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Henrik Schoenefeldt

Lecturer in Sustainable Architecture, University of Kent

Henrik is currently Lecturer in Sustainable Architecture at the Kent School of Architecture, University of Kent. His research interests are in contemporary low-energy architecture, in particular PassivHaus, architectural and engineering education, and in the environmental principles of historic buildings. Since 2012 the focus of his research has been on the design, development and performance of the historic ventilation system of the Houses of Parliament, but has also been leading research in low-energy design, which includes a post-occupancy evaluation of a PassivHaus certified house in Dulwich.

He completed his PhD at the University of Cambridge in summer 2011. He trained as an architect in the UK and Austria, and specialized in environmental design with an MPhil degree from Cambridge University. He developed a particular interest in the history of environmental design, which became the overarching subject of his PhD in Cambridge. His PhD was on the environmental design principles underlying the development glass structures in the 19th century, with a particular focus on the development of horticultural glasshouses and the Crystal Palace in Hyde Park (1850-51) and Sydenham (1852-54). His supervisor was Professor Alan Short. Despite the historical focus of the research, his architectural background remained very valuable. It provided him with the understanding required to analyse potentially significant technical and scientific aspects of building design that are frequently neglected by more conventional architectural historians with a specific art-historical training. He was able to combine historical research with detailed case studies of the scientific methods used in the design and the post-occupancy evaluation of buildings.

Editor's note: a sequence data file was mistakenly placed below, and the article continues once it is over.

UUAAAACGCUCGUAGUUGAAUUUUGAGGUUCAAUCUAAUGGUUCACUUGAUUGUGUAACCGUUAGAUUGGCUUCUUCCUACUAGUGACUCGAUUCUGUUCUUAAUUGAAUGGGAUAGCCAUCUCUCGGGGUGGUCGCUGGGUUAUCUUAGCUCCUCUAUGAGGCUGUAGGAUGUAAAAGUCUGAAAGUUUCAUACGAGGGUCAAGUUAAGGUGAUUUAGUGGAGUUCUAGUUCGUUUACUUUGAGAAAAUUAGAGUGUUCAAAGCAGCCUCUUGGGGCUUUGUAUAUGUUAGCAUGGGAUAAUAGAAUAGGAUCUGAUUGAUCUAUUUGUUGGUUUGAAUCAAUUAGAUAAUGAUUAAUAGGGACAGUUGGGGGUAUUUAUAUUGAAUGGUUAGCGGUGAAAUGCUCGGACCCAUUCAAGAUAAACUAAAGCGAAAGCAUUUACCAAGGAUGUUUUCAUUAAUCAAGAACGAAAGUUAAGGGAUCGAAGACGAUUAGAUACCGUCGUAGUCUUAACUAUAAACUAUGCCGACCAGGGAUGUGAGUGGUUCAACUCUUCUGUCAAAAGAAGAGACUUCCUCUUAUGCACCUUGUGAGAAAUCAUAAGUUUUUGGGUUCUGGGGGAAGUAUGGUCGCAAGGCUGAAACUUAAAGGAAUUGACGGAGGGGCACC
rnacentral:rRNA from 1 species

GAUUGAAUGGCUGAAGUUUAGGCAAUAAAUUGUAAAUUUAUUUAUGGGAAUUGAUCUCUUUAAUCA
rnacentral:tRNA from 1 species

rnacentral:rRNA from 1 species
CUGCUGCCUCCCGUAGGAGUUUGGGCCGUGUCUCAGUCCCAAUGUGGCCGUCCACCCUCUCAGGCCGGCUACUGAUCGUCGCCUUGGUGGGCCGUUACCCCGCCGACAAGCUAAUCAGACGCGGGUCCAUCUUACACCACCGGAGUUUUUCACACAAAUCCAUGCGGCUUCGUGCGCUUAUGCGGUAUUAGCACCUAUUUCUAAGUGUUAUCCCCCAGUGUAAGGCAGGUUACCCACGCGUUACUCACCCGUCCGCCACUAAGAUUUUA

Henrik is strongly involved in teaching and curriculum development and is coordinator the technology and environment curriculum of the Master of Architecture Programme. He runs module within the MSc in Architecture and Sustainable Environmental, focusing on the study of historic environmental principles and technology. He also active research in architectural education. In 2012 he led a research project on the integration of sustainable design principles within the architectural studio, which was funded through a grant from the Higher Education Academy. His recent pedagogical initiative included a research project that involved a partnerships between practitioners in industry, academic researchers and post-graduate students and investigated the economic, technical and cultural challenges of delivering low-energy buildings in the UK, focusing on the PassivHaus standard.


  • 2011–present
    Lecturer in Sustainable Architecture, University of Kent


  • 2011 
    University of Cambridge, PhD in Environmental Design in Architecture
  • 2007 
    University of Cambridge, M.Phil in Environmental Design in Architecture

Professional Memberships

  • Royal Institute of British Architects